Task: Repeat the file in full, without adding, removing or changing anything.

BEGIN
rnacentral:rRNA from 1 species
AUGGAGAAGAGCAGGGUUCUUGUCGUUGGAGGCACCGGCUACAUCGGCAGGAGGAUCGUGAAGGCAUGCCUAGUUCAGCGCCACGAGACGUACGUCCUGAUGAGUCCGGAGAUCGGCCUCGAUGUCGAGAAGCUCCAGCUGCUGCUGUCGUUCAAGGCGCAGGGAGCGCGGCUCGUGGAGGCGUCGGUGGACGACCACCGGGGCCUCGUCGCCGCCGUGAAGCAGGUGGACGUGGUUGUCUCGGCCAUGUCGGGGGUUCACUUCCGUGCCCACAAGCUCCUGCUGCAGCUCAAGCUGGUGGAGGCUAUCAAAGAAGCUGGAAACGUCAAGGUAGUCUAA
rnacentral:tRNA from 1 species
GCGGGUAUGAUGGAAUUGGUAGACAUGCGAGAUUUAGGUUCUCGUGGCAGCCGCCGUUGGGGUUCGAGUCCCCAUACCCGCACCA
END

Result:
rnacentral:rRNA from 1 species
AUGGAGAAGAGCAGGGUUCUUGUCGUUGGAGGCACCGGCUACAUCGGCAGGAGGAUCGUGAAGGCAUGCCUAGUUCAGCGCCACGAGACGUACGUCCUGAUGAGUCCGGAGAUCGGCCUCGAUGUCGAGAAGCUCCAGCUGCUGCUGUCGUUCAAGGCGCAGGGAGCGCGGCUCGUGGAGGCGUCGGUGGACGACCACCGGGGCCUCGUCGCCGCCGUGAAGCAGGUGGACGUGGUUGUCUCGGCCAUGUCGGGGGUUCACUUCCGUGCCCACAAGCUCCUGCUGCAGCUCAAGCUGGUGGAGGCUAUCAAAGAAGCUGGAAACGUCAAGGUAGUCUAA
rnacentral:tRNA from 1 species
GCGGGUAUGAUGGAAUUGGUAGACAUGCGAGAUUUAGGUUCUCGUGGCAGCCGCCGUUGGGGUUCGAGUCCCCAUACCCGCACCA